Tramtracks – Then? (2020)
FLAC (tracks) 24 bit/44,1 kHz | Time – 41:11 minutes | 506 MB | Genre: Rock
Studio Masters, Official Digital Download | Front Cover | © Prommo Grande Records
The tram to Bondi might have stopped running years ago, but that hasn’t stopped Tramtracks from launching “Then?”, a fabulous vinyl recording of some of their finer tunes – though totally reimagined and produced into a contemporary prog rock sound. Released on Prommo Grande Records this selection of hand-picked tunes bears wonderful fruit.
Initially, Tramtracks (Pilt, Forbes, Hudson, James and York), a band that grew out of Forbes vision, had been thinking about how to release a CD capturing some moments from earlier albums but remained undecided about how to proceed until thoughts turned towards a vinyl release. However, “Then?” is so much more than a retrospective look at some of Tramtracks’ more catchy and nostalgic tunes from “Rain”, “You” and “Grow”.
The sound has been totally reinvented courtesy of award-winning producer, engineer, sound director, and musician David Cafe who as special guest, also contributed to each of the re-imagined tunes. Cafe has worked with some of the biggest names in the Australian music business (The Angels, Flowers, Billy Field, Doug Parkinson, Dragon, Tommy Emmanuel, Swanee, Matt Finish among others). A long-time friend and colleague of Toivo Pilt (Tramtracks, Sebastian Hardie, Windchase), the pair worked tirelessly to bring this new album to fruition.
As Toivo put it: “…when Bob, Ticker, Mr. Hudson, Dale and I started kicking around ideas for a vinyl album, I knew immediately we needed to turn to David Cafe. He was definitely the man for the job to help us work through some of our tunes to help them reach their previously unrealised potential”. On hearing the finished album, Ticker (James) said, “…this is what needed to happen to elevate these tunes. There is real emotion that now shines through in the musicianship!”. As a band, Tramtracks was made possible by Forbes who converted his office to a studio and brought the band together to release four earlier albums. Fans will recognise familiar but reimagined tunes with additional layering of guitar, bass, percussion from Cafe with a heavy focus on melodic prog style keyboards form Pilt and Forbes that make for a rich and vibrant sound.
Rising out of swirling synths, side A opens with the punchy It’s Bittersweet with a big full sound, lush keys over a prog rhythm with lashes of guitar to punctuate the sound. Then another rocker, Call It On, with its relentless feel textured by Pilt’s delicate piano. Originally a jam, Emphatic becomes an anthem for revisiting the regrets of our past and finding a new way. The restrained synth lines give way to electric piano and a delicate interplay between snare and toms before collapsing the time into a toe tapping bass riff, big guitar chords and a driving beat. This is anything but “a tired old tune”! Like so many of Tramtracks’ tunes, Cat Fink started as an improvisation and turns into a rich lush prog extravaganza of Hammond and synths sitting snugly over York’s bass lines and the big drum sounds from Ticker. Rain is Champagne is a vivid reminder of a country in drought and it’s thirst for water in this arid land. This busy six-eight rocker finishes with “the farmer’s in a sea plane” as it soars into flight. Side A closes with excerpts from another jam, Flying With Dragons, with a pretty piano melody layered over a driving guitar, bass and drum rhythm section.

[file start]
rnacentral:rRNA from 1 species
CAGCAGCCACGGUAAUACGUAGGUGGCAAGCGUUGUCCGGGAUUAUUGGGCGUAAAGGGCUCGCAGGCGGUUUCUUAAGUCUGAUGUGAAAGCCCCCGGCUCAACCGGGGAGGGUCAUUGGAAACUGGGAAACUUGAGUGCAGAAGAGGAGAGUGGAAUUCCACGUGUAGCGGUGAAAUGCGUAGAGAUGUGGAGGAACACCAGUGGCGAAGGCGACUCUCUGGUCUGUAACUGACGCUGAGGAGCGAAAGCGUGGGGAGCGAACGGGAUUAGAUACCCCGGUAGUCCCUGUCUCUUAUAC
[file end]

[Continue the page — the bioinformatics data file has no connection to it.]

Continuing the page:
Side B changes mood. Sometimes it is the simplest of melodies that are the prettiest, and so it is with Southern Sunrise which again showcases Pilt’s delicate touch with composition and melody. The tune almost floats as it subtly builds in dynamics with delicate touches of flute, synth and organ over a rhythm section that gently propels the track forward towards its synth climax. The Northern Wind has also been reworked with catchy rhythm section reminiscent of The Neville Brothers. What is noticeable is that these tunes now have space and depth that wasn’t necessarily captured in their earlier offerings. What is totally unexpected is the turn taken by the next three tracks. T.S.O.G. (The Sound of Glebe) features Ralph White on horn and saxophone. It is a sublime start offset by Pilt’s stirring synth solo before White again gives a lesson in smooth sax as it should be, layered in the textures of Pilt and Forbes keys. Perhaps the standout track of the album is the spacey and achingly haunting I Saw Your Beautiful Face, a track about loss and the wonder of rebirth. The melody works its way through a number of different feels and rhythmic changes before climaxing in a soaring guitar solo from Cafe that builds on Hudson’s original lines. In a fitting end to the album, and one for the romantics, “You” takes an acoustic turn before being given the Tramtracks treatment as it celebrates the rediscovery of relationship, that touchingly finished in a wedding in real life between Forbes and Saunders who adds vocal accompaniments to the track!
01. Tramtracks – It’s Bittersweet (04:40)
02. Tramtracks – Call It On (03:42)
03. Tramtracks – Emphatic (04:33)
04. Tramtracks – Cat Fink (04:09)
05. Tramtracks – Rain Is Champagne (02:39)
06. Tramtracks – Flying With Dragons (01:48)
07. Tramtracks – Southern Sunrise (03:42)
08. Tramtracks – The Northern Wind (03:34)
09. Tramtracks – T.S.O.G. (The Sound Of Glebe) (04:01)
10. Tramtracks – I Saw Your Beautiful Face (04:48)
11. Tramtracks – You (The Wedding Song) (03:30)